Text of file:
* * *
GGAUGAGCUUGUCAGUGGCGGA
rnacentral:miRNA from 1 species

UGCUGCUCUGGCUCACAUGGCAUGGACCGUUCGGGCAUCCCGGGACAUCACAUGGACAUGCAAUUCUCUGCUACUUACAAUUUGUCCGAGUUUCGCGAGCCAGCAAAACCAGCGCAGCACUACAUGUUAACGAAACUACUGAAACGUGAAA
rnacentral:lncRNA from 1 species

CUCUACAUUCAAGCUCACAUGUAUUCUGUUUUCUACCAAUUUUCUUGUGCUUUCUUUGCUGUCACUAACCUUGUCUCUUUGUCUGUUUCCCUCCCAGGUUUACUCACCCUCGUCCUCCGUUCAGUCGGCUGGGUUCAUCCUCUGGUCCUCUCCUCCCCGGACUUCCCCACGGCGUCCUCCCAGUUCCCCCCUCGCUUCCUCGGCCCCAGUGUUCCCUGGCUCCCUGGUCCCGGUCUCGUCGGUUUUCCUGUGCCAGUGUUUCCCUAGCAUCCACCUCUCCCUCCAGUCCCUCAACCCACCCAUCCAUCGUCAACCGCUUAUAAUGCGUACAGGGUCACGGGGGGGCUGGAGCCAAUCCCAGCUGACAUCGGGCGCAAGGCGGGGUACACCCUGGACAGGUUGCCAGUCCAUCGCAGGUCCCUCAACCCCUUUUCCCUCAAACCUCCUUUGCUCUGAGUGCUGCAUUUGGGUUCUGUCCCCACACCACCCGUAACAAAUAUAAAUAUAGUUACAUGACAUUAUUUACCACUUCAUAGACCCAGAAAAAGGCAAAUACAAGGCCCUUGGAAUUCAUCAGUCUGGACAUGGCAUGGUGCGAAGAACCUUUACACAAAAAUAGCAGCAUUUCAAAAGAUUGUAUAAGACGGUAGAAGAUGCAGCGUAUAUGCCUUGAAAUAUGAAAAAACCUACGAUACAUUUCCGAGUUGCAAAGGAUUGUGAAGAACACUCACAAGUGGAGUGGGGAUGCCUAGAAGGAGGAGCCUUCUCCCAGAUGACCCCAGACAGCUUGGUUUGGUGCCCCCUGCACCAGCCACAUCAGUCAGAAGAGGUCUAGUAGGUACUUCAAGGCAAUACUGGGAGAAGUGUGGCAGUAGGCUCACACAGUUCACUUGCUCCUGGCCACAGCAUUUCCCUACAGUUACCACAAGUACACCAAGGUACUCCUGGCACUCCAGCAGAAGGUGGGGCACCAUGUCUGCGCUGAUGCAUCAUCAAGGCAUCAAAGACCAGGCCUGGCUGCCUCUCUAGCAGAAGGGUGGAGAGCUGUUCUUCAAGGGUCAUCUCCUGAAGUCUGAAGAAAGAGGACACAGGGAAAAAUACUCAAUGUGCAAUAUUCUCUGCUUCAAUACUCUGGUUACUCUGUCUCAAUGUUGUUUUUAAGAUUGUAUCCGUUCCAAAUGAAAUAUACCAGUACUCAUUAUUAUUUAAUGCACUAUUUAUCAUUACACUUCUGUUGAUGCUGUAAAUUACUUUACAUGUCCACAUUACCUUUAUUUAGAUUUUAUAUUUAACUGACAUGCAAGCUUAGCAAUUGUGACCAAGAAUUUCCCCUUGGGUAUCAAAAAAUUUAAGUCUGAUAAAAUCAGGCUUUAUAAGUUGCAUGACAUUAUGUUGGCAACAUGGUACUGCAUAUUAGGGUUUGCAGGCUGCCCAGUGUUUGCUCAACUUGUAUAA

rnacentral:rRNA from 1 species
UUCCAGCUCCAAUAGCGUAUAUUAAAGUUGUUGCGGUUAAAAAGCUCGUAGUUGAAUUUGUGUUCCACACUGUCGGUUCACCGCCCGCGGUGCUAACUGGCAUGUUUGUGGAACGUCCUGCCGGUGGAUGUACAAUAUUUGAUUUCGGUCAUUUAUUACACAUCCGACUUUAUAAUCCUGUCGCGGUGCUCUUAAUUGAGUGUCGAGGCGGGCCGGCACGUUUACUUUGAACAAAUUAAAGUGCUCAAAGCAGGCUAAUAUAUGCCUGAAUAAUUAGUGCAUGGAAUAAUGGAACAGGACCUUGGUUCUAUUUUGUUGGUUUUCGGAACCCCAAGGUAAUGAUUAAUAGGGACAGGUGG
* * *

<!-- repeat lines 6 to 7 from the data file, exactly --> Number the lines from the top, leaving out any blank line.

rnacentral:rRNA from 1 species
UUCCAGCUCCAAUAGCGUAUAUUAAAGUUGUUGCGGUUAAAAAGCUCGUAGUUGAAUUUGUGUUCCACACUGUCGGUUCACCGCCCGCGGUGCUAACUGGCAUGUUUGUGGAACGUCCUGCCGGUGGAUGUACAAUAUUUGAUUUCGGUCAUUUAUUACACAUCCGACUUUAUAAUCCUGUCGCGGUGCUCUUAAUUGAGUGUCGAGGCGGGCCGGCACGUUUACUUUGAACAAAUUAAAGUGCUCAAAGCAGGCUAAUAUAUGCCUGAAUAAUUAGUGCAUGGAAUAAUGGAACAGGACCUUGGUUCUAUUUUGUUGGUUUUCGGAACCCCAAGGUAAUGAUUAAUAGGGACAGGUGG